Benzene spot values in Europe have halved since early 2001, hitting $185/tonne fob NWE in December. Oil prices have been the sole benchmark against which benzene values have been set as the economic slowdown started eating into downstream demand for styrene/polystyrene, cyclohexane and cumene.
Further along the chain, styrene has also suffered a price slump to $350-370/tonne fob NWE and producers do not expect a recovery during the first half of 2002. Players are keeping a close eye on oil prices and benzene contract talks and expect a E30-40/tonne drop for quarter one on the quarter four benzene contract of E270/tonne FD.
On a global basis, styrene operating rates suffered their lowest levels for a decade, dropping to around 87%. Rates are expected to recover a little this year, with further improvements out to 2005, to close to 94%. However, pessimistic forecasts point to demand growth of just 2.5%/year in 2001-05, much down on recent historical levels of 4-5%/year for the 1990s.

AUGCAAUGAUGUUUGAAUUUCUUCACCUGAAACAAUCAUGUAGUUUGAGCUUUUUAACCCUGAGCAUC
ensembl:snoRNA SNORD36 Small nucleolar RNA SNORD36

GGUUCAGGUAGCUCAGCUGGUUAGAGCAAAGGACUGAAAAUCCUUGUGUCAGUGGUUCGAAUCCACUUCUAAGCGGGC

On the positive side, there are few expected capacity increases in the next two years, notably at Ellba in Singapore and Chevron Phillips Chemical in the US this year and at Lyondell, Netherlands, in 2003.
Paraxylene contract prices were at the centre of much controversy during last year, particularly the quarter three level of E640/tonne FD, which caused derivatives producers to slash operating rates in some cases.
Demand in the polyester chain has been poor, and the quarter four figure of E542/tonne has already tumbled to E400/ tonne in quarter one 2001 as a result of globally softer market conditions.Orthoxylene Q1 also settled just before the new year break, at E378/tonne, down from Q4 2001's E412/tonne mark. Little improvement is expected in the market this year as downstream demand remains lacklustre.